If you’ve been stalking my many posts on this site, then firstly, thank you and I’m flattered. Secondly, you know that I am terribly afraid of streaming services killing the traditional theater experience. I go to the theater multiple times a week and I wouldn’t trade it for the world.
At the center of this fear is HBO Max’s same day release strategy. Warner Bros.’ move towards releasing movies on the same day on streaming and in theaters has been controversial. Recently, the company also announced that it will produce ten original movies for HBO Max next year. This raises the question: how viable is it for the corporation to keep its strong ties to HBO Max?
Let’s look at some numbers. Ten is the number of releases so far that have used the same day release strategy. 53.9% is the minimum second week drop off for an HBO Max same day release (with one exception). This means that every film to be released on streaming the same day has, on its second weekend, grossed less than 50% what it did during its opening weekend in theaters. The only exception is “Those Who Wish Me Dead,” which had a reasonable 32% drop.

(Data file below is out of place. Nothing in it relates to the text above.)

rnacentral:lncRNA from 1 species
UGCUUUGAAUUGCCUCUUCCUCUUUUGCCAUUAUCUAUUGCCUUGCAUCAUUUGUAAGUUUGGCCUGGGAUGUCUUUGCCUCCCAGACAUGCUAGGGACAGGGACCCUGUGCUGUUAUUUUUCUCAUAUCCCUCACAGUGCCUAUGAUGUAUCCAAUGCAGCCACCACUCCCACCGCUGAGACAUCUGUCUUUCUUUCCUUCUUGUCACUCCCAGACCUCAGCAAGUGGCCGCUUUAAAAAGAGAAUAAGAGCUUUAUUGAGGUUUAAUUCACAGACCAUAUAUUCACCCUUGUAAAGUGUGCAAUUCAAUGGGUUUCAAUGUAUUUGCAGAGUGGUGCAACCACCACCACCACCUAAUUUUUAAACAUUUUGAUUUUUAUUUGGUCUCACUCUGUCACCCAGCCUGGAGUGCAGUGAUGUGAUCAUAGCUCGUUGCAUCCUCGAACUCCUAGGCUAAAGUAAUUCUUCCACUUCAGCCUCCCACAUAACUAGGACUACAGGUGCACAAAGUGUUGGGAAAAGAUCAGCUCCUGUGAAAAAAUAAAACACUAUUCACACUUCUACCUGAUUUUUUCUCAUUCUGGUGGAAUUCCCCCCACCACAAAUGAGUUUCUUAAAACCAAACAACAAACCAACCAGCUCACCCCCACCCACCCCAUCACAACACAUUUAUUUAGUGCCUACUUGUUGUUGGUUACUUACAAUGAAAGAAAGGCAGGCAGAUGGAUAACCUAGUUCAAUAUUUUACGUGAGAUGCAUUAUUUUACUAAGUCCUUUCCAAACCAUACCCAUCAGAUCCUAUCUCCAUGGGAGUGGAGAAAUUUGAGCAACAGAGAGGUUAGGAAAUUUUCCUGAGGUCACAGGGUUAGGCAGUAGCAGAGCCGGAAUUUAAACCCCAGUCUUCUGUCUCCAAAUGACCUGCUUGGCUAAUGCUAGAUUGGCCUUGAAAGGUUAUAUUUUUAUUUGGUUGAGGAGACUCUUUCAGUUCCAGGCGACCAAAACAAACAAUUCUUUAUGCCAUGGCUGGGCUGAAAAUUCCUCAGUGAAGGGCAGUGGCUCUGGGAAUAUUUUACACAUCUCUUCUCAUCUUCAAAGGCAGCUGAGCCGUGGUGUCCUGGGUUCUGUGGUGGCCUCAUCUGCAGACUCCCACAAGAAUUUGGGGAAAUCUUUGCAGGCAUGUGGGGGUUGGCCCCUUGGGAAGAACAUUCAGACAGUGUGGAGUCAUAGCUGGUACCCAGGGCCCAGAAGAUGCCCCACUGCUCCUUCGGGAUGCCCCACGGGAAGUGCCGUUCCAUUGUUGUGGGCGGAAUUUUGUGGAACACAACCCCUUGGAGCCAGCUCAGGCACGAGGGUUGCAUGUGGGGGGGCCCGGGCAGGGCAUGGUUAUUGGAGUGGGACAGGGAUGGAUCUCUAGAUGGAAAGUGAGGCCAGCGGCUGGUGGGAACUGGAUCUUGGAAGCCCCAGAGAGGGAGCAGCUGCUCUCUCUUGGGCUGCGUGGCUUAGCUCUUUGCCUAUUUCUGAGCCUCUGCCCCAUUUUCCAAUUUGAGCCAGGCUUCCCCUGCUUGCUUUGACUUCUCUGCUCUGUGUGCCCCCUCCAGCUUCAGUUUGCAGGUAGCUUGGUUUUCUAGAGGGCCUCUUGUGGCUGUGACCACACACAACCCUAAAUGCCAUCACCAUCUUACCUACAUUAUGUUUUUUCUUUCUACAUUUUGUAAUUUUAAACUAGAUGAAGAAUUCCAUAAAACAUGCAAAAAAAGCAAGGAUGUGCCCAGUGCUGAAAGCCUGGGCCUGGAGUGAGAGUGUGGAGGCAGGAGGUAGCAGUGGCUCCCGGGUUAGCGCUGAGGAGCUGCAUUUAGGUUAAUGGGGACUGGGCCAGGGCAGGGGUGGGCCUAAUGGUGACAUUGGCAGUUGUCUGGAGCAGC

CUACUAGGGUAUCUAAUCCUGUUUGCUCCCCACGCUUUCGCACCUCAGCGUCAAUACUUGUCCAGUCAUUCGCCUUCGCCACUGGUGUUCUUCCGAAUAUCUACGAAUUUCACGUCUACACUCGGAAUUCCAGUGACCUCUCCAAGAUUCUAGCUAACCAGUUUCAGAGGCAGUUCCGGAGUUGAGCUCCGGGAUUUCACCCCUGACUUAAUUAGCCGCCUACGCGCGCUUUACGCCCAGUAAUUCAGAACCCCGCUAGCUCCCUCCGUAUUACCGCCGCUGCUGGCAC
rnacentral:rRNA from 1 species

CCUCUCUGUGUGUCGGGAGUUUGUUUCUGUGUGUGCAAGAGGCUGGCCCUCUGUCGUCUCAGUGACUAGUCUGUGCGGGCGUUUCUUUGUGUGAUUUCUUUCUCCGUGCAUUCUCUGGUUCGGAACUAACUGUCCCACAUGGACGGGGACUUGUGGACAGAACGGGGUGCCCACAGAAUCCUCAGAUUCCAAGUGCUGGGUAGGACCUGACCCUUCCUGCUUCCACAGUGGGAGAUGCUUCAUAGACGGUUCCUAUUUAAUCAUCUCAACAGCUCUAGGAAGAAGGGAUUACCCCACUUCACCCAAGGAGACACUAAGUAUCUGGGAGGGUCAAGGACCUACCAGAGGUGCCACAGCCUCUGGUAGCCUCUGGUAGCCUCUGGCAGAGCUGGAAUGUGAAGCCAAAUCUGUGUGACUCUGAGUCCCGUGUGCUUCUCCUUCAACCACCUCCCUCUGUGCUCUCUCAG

“Space Jam: A New Legacy” is the latest in this list of disappointments. Its second weekend gross was 69.2% lower than its premiere weekend. This means that not a lot of people who miss the first weekend are going to the theater for the second. Why would you, when you could just see it at home? This could mean one of two things.
Warner Bros. realizes that clearly same date streaming is hurting their theater grosses. Then they decide that they can make more money by delaying their HBO Max releases. Their strategy focuses on making their theater releases make as much money as possible.
The studio decides that HBO Max releases alone are more profitable for them. They slowly start shifting their focus away from making the theater experience worthwhile and move towards producing more streaming content. Every studio executive right now is tearing their hair out and asking why they don’t own Netflix; perhaps Warner Bro. wants to make their own. This could mean the toppling of one pillar of the studio system.
I know these fears aren’t new; television and the VCR have raised the eyebrows of film writers before. But the often repeated “unprecedented times” we live in have sparked this conversation again. The pandemic has prevented audiences from going to the theaters while it increased the amount of streaming subscribers. Let us do more than hope that this does not indicate an end to cinema. The only thing Warner Bros. really will respond to is the bottom line.
So let’s go support the capitalist system and give our money to theaters. In the immortal words of the best president in moviedom, “We will not go quietly into the night! We will not vanish without a fight! We’re going to live on!”